At a press conference Tuesday afternoon, officials said the district hired 10 employees last year to work in the attendance department. Those employees work out of a call center located in the district's main office and each day they call the homes of students who have been marked absent. Between April and June of last school year, the employees averaged 1,000 calls to homes each day.
- PHOTO BY JAMES BROWN / WXXI
- Dr. Idonia Owens, left, is Rochester City School District's chief of schools, and Betsy Hoffer, right, is the district's associate director of attendance. During a press conference Tuesday, they discussed the district's new attendance policies and practices.
Education Commissioner MaryEllen Elia and New York Attorney General Letitia James released a report today slamming the district's sloppy handling of attendance and failures to address Rowe's mental health needs.
Attendance taking was made a higher priority and procedures were tightened, according to school officials. For instance, instead of taking attendance in the first hour of the school day, it's now taken in the first 15 minutes for elementary grades and the first 15 minutes of each class in secondary grades. Robocalls used to go out later in the day, and now they begin during the first hour of the day. And starting this school year, officials began using emails, text messaging, and social media to contact families.
The district also hired 25 attendance home school assistants who go to student homes when phone calls and Robocalls fail to reach someone. The assistants work with parents to determine why the student isn't in school.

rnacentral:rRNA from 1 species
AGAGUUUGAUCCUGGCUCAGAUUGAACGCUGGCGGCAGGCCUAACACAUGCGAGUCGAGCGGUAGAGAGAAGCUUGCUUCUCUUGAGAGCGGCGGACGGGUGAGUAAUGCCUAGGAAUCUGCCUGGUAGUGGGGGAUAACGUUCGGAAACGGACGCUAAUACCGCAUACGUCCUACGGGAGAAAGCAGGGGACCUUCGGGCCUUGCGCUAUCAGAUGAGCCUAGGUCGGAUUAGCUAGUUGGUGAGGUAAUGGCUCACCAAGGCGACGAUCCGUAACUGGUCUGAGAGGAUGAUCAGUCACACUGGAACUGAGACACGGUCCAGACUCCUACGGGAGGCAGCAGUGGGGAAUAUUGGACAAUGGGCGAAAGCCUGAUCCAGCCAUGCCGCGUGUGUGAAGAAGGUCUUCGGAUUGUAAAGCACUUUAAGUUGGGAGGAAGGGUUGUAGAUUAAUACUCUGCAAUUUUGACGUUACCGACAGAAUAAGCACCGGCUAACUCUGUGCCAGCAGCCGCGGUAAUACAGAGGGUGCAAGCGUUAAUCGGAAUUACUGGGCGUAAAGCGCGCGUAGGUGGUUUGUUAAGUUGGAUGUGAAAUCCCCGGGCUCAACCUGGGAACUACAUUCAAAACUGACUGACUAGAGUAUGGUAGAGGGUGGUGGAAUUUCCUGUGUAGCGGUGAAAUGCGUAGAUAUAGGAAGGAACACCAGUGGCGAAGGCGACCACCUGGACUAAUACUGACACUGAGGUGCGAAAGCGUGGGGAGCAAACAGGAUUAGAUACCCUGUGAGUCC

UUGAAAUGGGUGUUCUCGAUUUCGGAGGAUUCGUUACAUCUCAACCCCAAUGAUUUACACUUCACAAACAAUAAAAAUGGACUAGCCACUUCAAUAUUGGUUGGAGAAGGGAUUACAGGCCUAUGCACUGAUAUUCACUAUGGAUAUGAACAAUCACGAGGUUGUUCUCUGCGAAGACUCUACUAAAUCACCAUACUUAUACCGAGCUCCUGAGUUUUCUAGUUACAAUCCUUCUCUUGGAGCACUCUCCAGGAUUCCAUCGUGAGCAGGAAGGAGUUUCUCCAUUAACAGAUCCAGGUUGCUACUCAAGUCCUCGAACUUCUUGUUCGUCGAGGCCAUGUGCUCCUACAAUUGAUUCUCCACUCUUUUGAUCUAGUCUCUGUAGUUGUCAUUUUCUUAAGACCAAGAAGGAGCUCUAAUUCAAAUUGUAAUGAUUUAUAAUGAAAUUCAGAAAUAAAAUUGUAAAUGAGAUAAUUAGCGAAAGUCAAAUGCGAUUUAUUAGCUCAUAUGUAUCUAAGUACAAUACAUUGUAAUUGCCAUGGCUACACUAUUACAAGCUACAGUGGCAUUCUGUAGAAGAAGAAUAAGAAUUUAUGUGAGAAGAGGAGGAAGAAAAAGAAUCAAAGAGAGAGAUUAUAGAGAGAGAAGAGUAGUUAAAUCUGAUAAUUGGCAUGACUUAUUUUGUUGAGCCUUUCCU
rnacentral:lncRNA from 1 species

Betsy Hoffer, RCSD's associate director of attendance, said there are many reasons for chronic absenteeism: medical and mental health problems, transportation, and homelessness, to name a few. An estimated 1,000 city school students are homeless on any given day, Hoffer said.
Disciplinary actions are taken when teachers or principals aren't compliant with the new procedures, including timely record-keeping, Hoffer said.
The district has also developed a new policy and a set of procedures for students who wander away from the classroom or the school. School administrators assign staff to observe and monitor specific students who have a history of wandering. And when a student is missing, a crisis message is sent to all top level school administrators, including the superintendent.
Though the changes in attendance were driven largely by Rowe's death, district officials would not answer any questions concerning the incident — or the state's report on it — due to ongoing litigation.